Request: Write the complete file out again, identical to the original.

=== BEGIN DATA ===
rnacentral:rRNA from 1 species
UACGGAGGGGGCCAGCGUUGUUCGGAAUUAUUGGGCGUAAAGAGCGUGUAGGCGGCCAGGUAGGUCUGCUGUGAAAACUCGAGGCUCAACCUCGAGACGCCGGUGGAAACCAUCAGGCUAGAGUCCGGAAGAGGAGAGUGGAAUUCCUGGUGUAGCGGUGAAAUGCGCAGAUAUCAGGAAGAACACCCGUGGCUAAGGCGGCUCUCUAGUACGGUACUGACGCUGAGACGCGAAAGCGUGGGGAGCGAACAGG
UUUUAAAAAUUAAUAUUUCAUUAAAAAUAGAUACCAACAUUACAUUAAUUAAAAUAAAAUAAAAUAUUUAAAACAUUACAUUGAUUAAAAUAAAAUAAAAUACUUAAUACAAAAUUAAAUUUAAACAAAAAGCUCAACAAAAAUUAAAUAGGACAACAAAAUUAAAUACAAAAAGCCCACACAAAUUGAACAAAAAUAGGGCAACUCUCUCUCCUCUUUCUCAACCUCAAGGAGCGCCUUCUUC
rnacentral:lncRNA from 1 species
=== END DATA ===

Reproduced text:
rnacentral:rRNA from 1 species
UACGGAGGGGGCCAGCGUUGUUCGGAAUUAUUGGGCGUAAAGAGCGUGUAGGCGGCCAGGUAGGUCUGCUGUGAAAACUCGAGGCUCAACCUCGAGACGCCGGUGGAAACCAUCAGGCUAGAGUCCGGAAGAGGAGAGUGGAAUUCCUGGUGUAGCGGUGAAAUGCGCAGAUAUCAGGAAGAACACCCGUGGCUAAGGCGGCUCUCUAGUACGGUACUGACGCUGAGACGCGAAAGCGUGGGGAGCGAACAGG
UUUUAAAAAUUAAUAUUUCAUUAAAAAUAGAUACCAACAUUACAUUAAUUAAAAUAAAAUAAAAUAUUUAAAACAUUACAUUGAUUAAAAUAAAAUAAAAUACUUAAUACAAAAUUAAAUUUAAACAAAAAGCUCAACAAAAAUUAAAUAGGACAACAAAAUUAAAUACAAAAAGCCCACACAAAUUGAACAAAAAUAGGGCAACUCUCUCUCCUCUUUCUCAACCUCAAGGAGCGCCUUCUUC
rnacentral:lncRNA from 1 species